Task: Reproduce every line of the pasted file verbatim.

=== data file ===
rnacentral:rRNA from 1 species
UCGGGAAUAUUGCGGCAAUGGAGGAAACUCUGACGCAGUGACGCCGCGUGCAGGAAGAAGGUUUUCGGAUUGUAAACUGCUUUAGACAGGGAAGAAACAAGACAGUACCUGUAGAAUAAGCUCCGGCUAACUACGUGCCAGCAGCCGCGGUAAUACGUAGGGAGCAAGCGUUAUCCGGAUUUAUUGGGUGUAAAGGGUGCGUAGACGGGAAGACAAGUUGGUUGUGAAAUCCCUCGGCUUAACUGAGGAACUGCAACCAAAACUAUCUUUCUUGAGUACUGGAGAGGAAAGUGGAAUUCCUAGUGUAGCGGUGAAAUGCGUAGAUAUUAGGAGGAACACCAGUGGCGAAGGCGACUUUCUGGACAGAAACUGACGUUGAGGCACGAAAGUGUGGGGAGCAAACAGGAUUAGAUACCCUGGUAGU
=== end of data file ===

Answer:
rnacentral:rRNA from 1 species
UCGGGAAUAUUGCGGCAAUGGAGGAAACUCUGACGCAGUGACGCCGCGUGCAGGAAGAAGGUUUUCGGAUUGUAAACUGCUUUAGACAGGGAAGAAACAAGACAGUACCUGUAGAAUAAGCUCCGGCUAACUACGUGCCAGCAGCCGCGGUAAUACGUAGGGAGCAAGCGUUAUCCGGAUUUAUUGGGUGUAAAGGGUGCGUAGACGGGAAGACAAGUUGGUUGUGAAAUCCCUCGGCUUAACUGAGGAACUGCAACCAAAACUAUCUUUCUUGAGUACUGGAGAGGAAAGUGGAAUUCCUAGUGUAGCGGUGAAAUGCGUAGAUAUUAGGAGGAACACCAGUGGCGAAGGCGACUUUCUGGACAGAAACUGACGUUGAGGCACGAAAGUGUGGGGAGCAAACAGGAUUAGAUACCCUGGUAGU